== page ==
But what if a more powerful invasion had come? I think there are two answers to that. First, Costa Rica is not occupying nations all over the globe, blowing up families with drones, torturing people in secret prisons, arming dictatorships, defending Israel’s acts of genocide, etc. — that is to say, Costa Rica is not creating enemies. Secondly, if the United States were to attack Costa Rica, no military might on the Costa Rican side could possibly prevail. The best defense against such an attack is, in fact, to possess no military that might be blamed for some incident as grounds for war.
Video Trailer of: A Bold Peace: Costa Rica’s Path of Demilitarization
Figueres used a citizens militia and then disbanded it. He expanded the welfare state, extended the right to vote to women and Afro-Caribbeans, and nationalized banks and electricity. Then he retired peacefully, later to be elected president twice more, in 1953 and 1970. He lived until 1990, the victorious general who did what Eisenhower never dared: abolished the military industrial complex.
The U.S. government, under President Reagan, tried to force Costa Rica into military conflict, but Costa Rica proclaimed neutrality. It did not maintain this neutrality as absolutely as one might like, but it never became home to a big U.S. military base as did Honduras.
In 1985, Oscar Arias was elected president on a peace platform, defeating Calderón’s son campaigning on a platform of militarization. Although the U.S. was threatening sanctions, and although 80% of the Costa Rican people opposed the Sandinista government in Nicaragua, over 80% in Costa Rica opposed any militarization. Reagan scared Americans of communists in Nicaragua, but seems not to have scared the Ticos at all. On the contrary, Arias met repeatedly with Reagan, turned him down on at least all the main points, and gathered nations together to negotiate peace in Central America — for which he was given a Nobel Peace Prize that may have actually served an appropriate purpose.
What withstood Reagan’s pressure was not an individual or a political party, but Costa Rica’s culture of peace. A new threat came in 2003, when Costa Rica joined the Coalition of the Willing (to attack Iraq). Costa Rica provided only its name, no actual participation. But a law student named Luis Roberto Zamora Bolanos successfully sued his own government in Costa Rican courts and forced Costa Rica out of the coalition.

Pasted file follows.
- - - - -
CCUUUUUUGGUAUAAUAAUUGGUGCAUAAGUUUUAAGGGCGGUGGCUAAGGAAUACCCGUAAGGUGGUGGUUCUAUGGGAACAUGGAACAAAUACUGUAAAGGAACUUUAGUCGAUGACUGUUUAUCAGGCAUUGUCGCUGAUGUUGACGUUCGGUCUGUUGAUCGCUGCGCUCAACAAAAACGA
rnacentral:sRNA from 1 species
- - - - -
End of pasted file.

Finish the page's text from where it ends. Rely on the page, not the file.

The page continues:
While the film doesn’t go into it much, the same lawyer sued Arias and others repeatedly to keep weapons companies and U.S. ships out of Costa Rican territory. In 2010 the U.S. helped overthrow the president of Honduras and flew him to Costa Rica. The U.S. uses its drug war as an excuse to put military ships in Costa Rican waters.
In 2010 Nicaragua took over a Costa Rican island, at least in the view of Costa Rica. Had Costa Rica possessed a military, a war would likely have begun. While Costa Rica did send its “police” to the area, not one bullet was fired. Rather the dispute was resolved in international courts, as all such disputes should be.
Costa Rica has now gone for 66 and a half years without the problems that militaries have brought to other Latin American nations. Militaries in small nations have been used for U.S.-backed coups, but not for anything more beneficial. The film cites statistics: the United States has directly overthrown 41 Latin American governments, and indirectly another 24, between 1898 and 1994.
The idea that Costa Rica needs no military because it is protected under a U.S. military umbrella would be laughable if there weren’t people who believe it. Costa Rica has opposed U.S. militarism and promoted demilitarization around the world, running up against powerful U.S. lobbying on behalf of U.S. weapons dealers. When Arias obtained a U.N. vote on a treaty to ban arms sales to any nation spending more on weapons than on its people, the only No vote was from the U.S.
Costa Rica is also facing the destructive effects of corporate trade pacts, rising inequality, and crushing poverty. Yet it is still far from as unequal as the U.S.
The film presents a fair portrait, flaws included. I watched it with my 9-year-old son who now wants to move there. The film includes video of past and current presidents, activists, professors, and journalists. It even includes extensive commentary from Luis Guillermo Solís Rivera as a long-shot presidential candidate seeking to uphold Costa Rica’s pacifist traditions in a manner that Japan’s president is of course not attempting. Then we see Solís surge ahead and win. He is now president.
Costa Rica is an inspiration to those of us seeking to abolish war.
Written by David Swanson who is an author, activist, journalist, and radio host. He is director of WorldBeyondWar.org and campaign coordinator for RootsAction.org. Swanson’s books include War Is A Lie. He blogs at DavidSwanson.org and WarIsACrime.org. He hosts Talk Nation Radio. He is a 2015 Nobel Peace Prize Nominee.
This article was first published on David Swanson’s blog and is republished with the author’s written permission.